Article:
Solutions across many projects have emerged in the race to scale layer-1 blockchains like Ethereum. This guide will look at one of several Ethereum scaling solutions, SKALE. Here’s how this decentralized elastic blockchain network works, its features, and its benefits.
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What is SKALE?
The SKALE Network consists of interconnected sidechains that use several technologies to scale Ethereum DApps. It is built on Ethereum, meaning SKALE chains can communicate with Ethereum-based alternatives.
Co-founders Jack O’Holleran and Stan Kladko launched the network in 2018. After launching in 2018, the project underwent two and a half years of development and testing before releasing its mainnet in 2020. The mainnet was launched in three phases: the first in June, the second in October, and the final one in December.
As of today, O’Holleran and Kladko lead the SKALE core team of experts that is continuously working on the project in different capacities. O’Holleran is the CEO, while Kladko is its CTO. The core team works on behalf of SKALE Labs.
Besides the core team, the network has representatives facilitating grants, budgetary matters, and on-chain voting. The representatives are composed of DApp developers, investors, and validators. Initially, the Network of Decentralized Economics (N.O.D.E) Foundation was responsible for electing these representatives, but token holders will take over future elections. Note that N.O.D.E is a non-profit organization that supports the SKALE network.
Additionally, the SKALE network is governed by the SKALE DAO, which consists of over 50 members, including business organizations, other DAOs, and companies. On-chain voting was originally scheduled to commence in the first quarter of 2023.
In October 2018, Multicoin Capital led a funding round that raised $9.65 million for SKALE Labs. Other investors included Signia Venture Partners, Blockchange Ventures, Hack.VC, FLOODGATE Fund, Galaxy Digital, and Aspect Ventures.
About a year later, the SKALE Network raised $17.1 million for its mainnet launch, with SKALE Labs contributing $10 million from the 2018 round and other investors funding the deficit. Among these investors were HashKey, Winklevoss Capital, ConsenSys Labs, Arrington XRP Capital, Multicoin Capital, and Recruit Holdings.
In September 2020, SKALE held a token sale on ConsenSys’ Activate platform. It raised $5 million from approximately 4,000 investors across 90 countries.
SKALE has not published a roadmap on its website. However, it has announced plans to integrate zero-knowledge (ZK) proofs in early 2023 and introduce on-chain voting. The network has already launched the initiative “to integrate ZK as a configurable option for developers,” according to an announcement on Twitter.
Moreover, the network has announced that on-chain voting will begin in Q2 2023.
In Q1 2023, the project released SKALE 2.1, an upgrade that improved network speed and stability. The project also plans to bring two new games, Kryptoria and OxBattleground, to the network.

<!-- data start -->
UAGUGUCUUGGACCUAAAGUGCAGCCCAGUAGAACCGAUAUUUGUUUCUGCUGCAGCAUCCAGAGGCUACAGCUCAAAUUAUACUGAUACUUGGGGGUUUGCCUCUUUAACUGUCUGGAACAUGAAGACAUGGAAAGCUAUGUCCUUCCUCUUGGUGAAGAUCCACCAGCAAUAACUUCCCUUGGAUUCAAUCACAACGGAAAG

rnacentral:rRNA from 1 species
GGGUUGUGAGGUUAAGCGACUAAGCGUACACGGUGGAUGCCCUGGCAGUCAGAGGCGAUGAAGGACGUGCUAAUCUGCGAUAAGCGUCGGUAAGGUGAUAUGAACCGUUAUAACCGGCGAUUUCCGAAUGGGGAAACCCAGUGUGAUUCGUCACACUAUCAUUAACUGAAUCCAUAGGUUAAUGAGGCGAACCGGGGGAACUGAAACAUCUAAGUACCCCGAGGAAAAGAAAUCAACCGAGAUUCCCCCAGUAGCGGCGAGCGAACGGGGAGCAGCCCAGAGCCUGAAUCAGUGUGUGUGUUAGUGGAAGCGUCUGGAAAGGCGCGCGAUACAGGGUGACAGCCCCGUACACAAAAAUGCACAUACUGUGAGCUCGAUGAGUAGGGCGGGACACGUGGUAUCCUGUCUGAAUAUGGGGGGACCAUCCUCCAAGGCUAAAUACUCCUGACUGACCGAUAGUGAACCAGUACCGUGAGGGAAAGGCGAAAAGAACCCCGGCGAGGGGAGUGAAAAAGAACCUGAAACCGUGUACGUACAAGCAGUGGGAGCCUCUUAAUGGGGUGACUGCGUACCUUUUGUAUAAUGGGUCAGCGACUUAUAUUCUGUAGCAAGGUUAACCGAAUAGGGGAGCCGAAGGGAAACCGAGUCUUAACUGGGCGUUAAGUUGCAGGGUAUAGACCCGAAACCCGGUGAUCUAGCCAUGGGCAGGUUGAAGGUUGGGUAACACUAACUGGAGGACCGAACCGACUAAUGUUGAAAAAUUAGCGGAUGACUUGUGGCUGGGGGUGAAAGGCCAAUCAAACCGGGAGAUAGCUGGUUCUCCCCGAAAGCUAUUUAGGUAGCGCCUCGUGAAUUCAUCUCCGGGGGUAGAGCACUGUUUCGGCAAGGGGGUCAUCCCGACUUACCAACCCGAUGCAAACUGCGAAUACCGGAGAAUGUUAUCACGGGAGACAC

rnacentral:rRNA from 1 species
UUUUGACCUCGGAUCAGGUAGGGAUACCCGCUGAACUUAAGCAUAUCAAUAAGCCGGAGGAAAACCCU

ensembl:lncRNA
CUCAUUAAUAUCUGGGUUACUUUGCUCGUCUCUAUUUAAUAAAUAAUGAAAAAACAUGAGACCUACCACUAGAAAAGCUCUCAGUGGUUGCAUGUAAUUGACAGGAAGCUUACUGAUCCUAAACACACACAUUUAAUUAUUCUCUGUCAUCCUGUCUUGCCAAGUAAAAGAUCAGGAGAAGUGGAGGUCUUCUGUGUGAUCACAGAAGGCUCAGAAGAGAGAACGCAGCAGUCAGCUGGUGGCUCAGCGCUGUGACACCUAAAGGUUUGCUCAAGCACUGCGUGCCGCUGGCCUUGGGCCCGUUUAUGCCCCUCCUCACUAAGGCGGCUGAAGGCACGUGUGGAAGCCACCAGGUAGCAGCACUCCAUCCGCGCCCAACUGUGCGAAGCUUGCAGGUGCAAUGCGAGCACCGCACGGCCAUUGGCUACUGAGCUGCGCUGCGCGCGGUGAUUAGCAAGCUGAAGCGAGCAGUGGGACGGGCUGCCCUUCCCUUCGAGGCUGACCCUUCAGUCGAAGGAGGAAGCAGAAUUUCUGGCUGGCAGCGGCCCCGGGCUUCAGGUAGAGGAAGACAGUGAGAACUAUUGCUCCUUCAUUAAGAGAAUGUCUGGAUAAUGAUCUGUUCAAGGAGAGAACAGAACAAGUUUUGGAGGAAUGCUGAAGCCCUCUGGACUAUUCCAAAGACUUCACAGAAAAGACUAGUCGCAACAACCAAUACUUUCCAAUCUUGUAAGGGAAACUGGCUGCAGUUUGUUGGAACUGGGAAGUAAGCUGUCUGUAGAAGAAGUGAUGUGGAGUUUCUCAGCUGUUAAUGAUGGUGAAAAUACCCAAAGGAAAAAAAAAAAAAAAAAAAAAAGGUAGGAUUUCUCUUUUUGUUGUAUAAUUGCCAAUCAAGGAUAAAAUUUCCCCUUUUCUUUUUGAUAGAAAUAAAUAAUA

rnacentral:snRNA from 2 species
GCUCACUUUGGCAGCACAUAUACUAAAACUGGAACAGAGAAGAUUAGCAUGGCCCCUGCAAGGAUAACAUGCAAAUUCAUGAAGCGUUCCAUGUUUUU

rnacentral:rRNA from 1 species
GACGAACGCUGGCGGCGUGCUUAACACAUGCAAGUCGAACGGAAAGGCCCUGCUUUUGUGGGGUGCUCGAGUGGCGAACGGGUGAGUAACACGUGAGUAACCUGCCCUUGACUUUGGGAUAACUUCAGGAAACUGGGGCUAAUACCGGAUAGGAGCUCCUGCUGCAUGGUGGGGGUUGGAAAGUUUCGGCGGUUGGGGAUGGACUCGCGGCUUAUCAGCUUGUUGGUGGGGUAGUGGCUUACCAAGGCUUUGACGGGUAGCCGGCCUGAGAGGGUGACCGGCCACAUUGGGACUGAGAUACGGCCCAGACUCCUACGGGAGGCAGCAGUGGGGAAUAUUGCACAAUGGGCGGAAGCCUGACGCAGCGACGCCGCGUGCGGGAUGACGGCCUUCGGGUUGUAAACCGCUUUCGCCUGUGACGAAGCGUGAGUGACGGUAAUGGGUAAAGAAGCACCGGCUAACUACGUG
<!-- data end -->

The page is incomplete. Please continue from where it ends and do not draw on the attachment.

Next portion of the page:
How does SKALE work?
What it does
The network is a scaling solution that uses a proof-of-stake (PoS) consensus model. That helps developers enjoy improved scalability, zero-fee transactions, and faster transaction throughput. SKALE chains offer decentralized database storage, Ethereum Virtual Machine (EVM) compute power, and other functionalities to power and scale DApps.
The SKALE Network operates through a pool of validator nodes that confirm transactions within the chains they operate. These nodes interact with SKALE Manager, which consists of over 35 smart contracts on the Ethereum blockchain. To participate in building on the network and becoming validator nodes, users have to stake SKL tokens, with staking being facilitated through the Ethereum base layer. This means that SKALE Manager is deployed on the Ethereum mainnet, and at present, more than 45 independent organizations are running 150+ nodes on the network as of mid-May 2023.
A subset of validators within the SKALE network operates a group of sub-nodes responsible for operating the chains. These nodes receive awards based on their performance at the end of each network epoch, lasting one month. The tokens that developers stake are moved into the bounty pool each month. Also, the protocol creates new tokens through an inflation event. These tokens go to the bounty pool too. Validators and delegators are rewarded using tokens from the bounty pool.
The minimum staking requirement to set up a node is 20 million SKL tokens, worth about $600,000 at the time of writing. It is worth noting that staking SKL tokens can be more expensive than ETH due to a higher price. For example, staking 32 ETH at the current price of about $1,901 would require an investment of $60,832.
If you don’t want to create your own node, delegating your SKL tokens to a registered validator is an option. The rewards for delegators depend on several factors, such as the duration of staking, the number of tokens staked, and the commission percentage set by the validator.
A SKALE chain is an elastic blockchain (also known as a conglomerate of sidechains) that is compatible and interoperable with Ethereum. Moreover, 16 nodes power each sidechain, while every SKALE chain powers DApps. Developers can build their own SKALE chains by staking SKL tokens for a given period of time in return for the security and increased scalability it gets from the network. When the chain period is over, the life of the SKALE chain may end unless developers extend its life by staking additional tokens. The SKALE Network has 20 chains at the time of writing.
sFUEL is the native token for SKALE chains. It has no economic value and is a zero-gas token. Users need this token to conduct transactions on SKALE chains. Moreover, with sFUEL, developers can scale their DApps economically and in terms of speed. Users get sFUEL during the onboarding process of every DApp.
SKALE is interoperable with Ethereum. That means the two chains can easily communicate with each. The Interchain Messaging Agent (IMA) is responsible for bridging messages and tokens between the two networks.